Do The Right Thing, one of the greatest movies of all time, turns 25 this week. A landmark film, not only for establishing Spike Lee in the upper reaches of the pantheon of living American filmmakers, but for its searing (literally) look at African American male identity.
The Village Voice has a great essay up about the film by Michelle Orange:
Here, as elsewhere, notably the equally fascinating but exuberantly messy School Daze (1988), the frankness of a dialogue centered on problems and questions of black identity finds an unlikely complement in Lee’s heightened aesthetic, a formal blend of the pointed and the playful encapsulated when his choral rhythms and compositions erupt into a full-blown musical number (about good and bad hair). Like his characters, Lee is an expressionist, enthralled by and given to performative impulses. As often as they rupture into violence, his films (especially the early ones) explode with joy, shimmer with wit and tenderness, and above all advertise a director so irrepressible he can’t keep his own sloe eyes off the screen.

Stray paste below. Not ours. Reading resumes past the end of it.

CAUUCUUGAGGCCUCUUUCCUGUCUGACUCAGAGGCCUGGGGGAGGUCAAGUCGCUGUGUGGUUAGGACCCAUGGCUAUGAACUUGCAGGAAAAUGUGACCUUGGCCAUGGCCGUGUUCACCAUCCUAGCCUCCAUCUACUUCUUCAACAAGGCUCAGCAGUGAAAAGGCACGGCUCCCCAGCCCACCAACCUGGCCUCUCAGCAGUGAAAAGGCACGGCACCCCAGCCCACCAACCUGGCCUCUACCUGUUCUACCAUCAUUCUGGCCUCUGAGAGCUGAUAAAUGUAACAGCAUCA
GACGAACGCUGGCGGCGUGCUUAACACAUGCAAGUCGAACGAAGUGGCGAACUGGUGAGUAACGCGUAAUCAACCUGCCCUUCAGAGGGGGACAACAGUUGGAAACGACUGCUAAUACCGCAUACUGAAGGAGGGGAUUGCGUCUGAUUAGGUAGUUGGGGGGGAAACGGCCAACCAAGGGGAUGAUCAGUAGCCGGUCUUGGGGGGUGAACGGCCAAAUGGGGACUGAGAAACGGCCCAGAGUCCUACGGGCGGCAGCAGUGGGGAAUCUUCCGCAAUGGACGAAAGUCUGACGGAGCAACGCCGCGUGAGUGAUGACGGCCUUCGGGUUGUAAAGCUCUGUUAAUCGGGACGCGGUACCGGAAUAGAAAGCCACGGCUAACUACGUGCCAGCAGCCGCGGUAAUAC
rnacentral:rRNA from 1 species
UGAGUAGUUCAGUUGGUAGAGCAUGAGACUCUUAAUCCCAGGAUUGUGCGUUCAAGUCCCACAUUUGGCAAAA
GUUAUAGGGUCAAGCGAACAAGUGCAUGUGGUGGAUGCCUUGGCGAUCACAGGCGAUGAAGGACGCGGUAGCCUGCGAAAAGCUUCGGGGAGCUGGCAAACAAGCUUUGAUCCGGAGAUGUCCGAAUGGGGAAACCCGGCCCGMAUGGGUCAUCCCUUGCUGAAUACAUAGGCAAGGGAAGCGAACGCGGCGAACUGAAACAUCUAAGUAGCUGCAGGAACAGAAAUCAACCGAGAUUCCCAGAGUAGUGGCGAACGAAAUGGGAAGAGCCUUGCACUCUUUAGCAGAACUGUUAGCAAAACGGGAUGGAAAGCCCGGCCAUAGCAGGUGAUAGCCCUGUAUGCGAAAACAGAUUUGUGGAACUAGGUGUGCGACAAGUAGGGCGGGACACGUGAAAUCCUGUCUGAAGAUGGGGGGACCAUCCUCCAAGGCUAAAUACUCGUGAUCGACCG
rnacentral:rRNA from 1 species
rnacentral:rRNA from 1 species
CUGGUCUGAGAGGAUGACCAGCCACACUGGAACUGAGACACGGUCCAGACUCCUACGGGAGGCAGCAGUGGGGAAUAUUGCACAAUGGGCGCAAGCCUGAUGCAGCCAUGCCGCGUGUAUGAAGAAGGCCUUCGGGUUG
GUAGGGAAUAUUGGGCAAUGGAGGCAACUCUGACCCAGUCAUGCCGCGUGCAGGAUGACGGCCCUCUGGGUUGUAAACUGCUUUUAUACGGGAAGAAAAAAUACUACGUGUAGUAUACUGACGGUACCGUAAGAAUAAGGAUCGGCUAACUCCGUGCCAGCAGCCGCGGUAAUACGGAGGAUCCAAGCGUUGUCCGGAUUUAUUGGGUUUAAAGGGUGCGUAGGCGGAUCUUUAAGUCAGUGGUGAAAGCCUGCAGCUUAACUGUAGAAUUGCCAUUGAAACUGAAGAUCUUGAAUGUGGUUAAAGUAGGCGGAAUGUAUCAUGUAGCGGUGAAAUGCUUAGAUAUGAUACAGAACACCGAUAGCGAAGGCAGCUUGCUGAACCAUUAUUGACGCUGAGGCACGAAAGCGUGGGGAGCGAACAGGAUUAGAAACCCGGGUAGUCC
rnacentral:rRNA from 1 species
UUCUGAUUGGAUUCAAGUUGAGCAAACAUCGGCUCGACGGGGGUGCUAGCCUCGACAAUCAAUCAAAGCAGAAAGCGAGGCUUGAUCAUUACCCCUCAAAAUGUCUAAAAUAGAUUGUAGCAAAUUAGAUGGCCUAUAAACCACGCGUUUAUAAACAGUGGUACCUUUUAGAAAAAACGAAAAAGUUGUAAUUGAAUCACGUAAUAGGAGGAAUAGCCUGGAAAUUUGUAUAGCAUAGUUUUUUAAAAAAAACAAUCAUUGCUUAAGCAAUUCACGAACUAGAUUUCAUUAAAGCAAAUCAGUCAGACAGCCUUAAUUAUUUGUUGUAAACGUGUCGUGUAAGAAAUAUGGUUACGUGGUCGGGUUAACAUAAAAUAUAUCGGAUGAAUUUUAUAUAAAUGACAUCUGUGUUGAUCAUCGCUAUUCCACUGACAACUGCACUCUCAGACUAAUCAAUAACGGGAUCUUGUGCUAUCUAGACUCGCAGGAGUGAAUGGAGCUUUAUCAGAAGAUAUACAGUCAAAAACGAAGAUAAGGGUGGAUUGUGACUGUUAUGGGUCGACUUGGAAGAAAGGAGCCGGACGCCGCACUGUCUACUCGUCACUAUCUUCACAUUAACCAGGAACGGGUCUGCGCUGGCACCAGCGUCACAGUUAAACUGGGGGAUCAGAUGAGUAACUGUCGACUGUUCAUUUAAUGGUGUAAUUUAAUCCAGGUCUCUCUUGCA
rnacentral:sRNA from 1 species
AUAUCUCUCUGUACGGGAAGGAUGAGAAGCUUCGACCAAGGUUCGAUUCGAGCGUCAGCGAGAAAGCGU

You can read the whole thing here.